Online Program

Comparing the utility of the theory of planned behavior between boys and girls for predicting snack food consumption: Implications for practice

Sunday, November 3, 2013

Paul Wesley Branscum, PhD, RD, Department of Health and Exercise Science, The University of Oklahoma, Norman, OK
Manoj Sharma, PhD, Health Promotion & Education, University of Cincinnati, Cincinnati, OH
The purpose of this study was to use the theory of planned behavior to explain two types of snack food consumption among boys and girls (girls n=98; boys n=69), which may have implications for future theory-based health promotion interventions. Between genders, there was a significant difference for calorie dense/nutrient poor snacks (p = .002), but no difference for fruit and vegetable snacks. Using step-wise multiple regression, attitudes, perceived behavioral control and subjective norms accounted for a large amount of the variance of intentions (girls=43.3%; boys=55.9%), however for girls, subjective norms accounted for the most variance, while for boys, attitudes accounted for the most variance. Calories from calorically dense/nutrient poor snacks and fruit and vegetable snacks were also predicted by intentions. For boys, intentions predicted 6.4% of the variance for fruit and vegetable snacks (p = .03), but was not significant for calorically dense/nutrient poor snacks, while for girls, intentions predicted 6.0% of the variance for fruit and vegetable snacks (p = .007), and 7.2% of the variance for calorically dense/nutrient poor snacks (p = .004). Results suggest that the theory of planned behavior is a useful framework for predicting snack foods among children, however there are important differences among boys and girls which should be considered in future health promotion interventions.

Learning Areas:

Assessment of individual and community needs for health education
Conduct evaluation related to programs, research, and other areas of practice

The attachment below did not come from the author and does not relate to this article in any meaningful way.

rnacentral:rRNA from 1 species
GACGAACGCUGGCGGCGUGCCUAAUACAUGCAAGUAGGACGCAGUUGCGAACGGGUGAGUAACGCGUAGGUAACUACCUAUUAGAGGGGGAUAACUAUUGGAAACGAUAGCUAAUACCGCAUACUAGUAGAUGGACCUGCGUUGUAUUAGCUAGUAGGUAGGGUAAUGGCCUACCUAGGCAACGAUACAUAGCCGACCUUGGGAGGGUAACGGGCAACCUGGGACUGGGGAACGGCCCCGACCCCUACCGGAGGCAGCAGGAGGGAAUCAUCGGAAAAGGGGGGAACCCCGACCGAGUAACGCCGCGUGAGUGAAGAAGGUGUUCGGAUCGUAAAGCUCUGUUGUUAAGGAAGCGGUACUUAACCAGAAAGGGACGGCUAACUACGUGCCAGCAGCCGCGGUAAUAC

Other professions or practice related to public health
Planning of health education strategies, interventions, and programs
Social and behavioral sciences
Systems thinking models (conceptual and theoretical models), applications related to public health

Learning Objectives:
Describe the application of the theory of planned behavior to predict snack food consumption among children. Identify ways of measuring snack food consumption and its antecedents in children. Explain how the theory of planned behavior can be utilized in planning health promotion programs for children Explain how the theory of planned behavior can be operationalized differently among boys and girls.

Keyword(s): Theory, Children's Health

Presenting author's disclosure statement:

Qualified on the content I am responsible for because: I have conducted a number of studies that operationalize behavioral theories, and predict there utility across different samples. Among my research interests has been the application of theory to obesogenic behaviors among children and adolescents.
Any relevant financial relationships? No

I agree to comply with the American Public Health Association Conflict of Interest and Commercial Support Guidelines, and to disclose to the participants any off-label or experimental uses of a commercial product or service discussed in my presentation.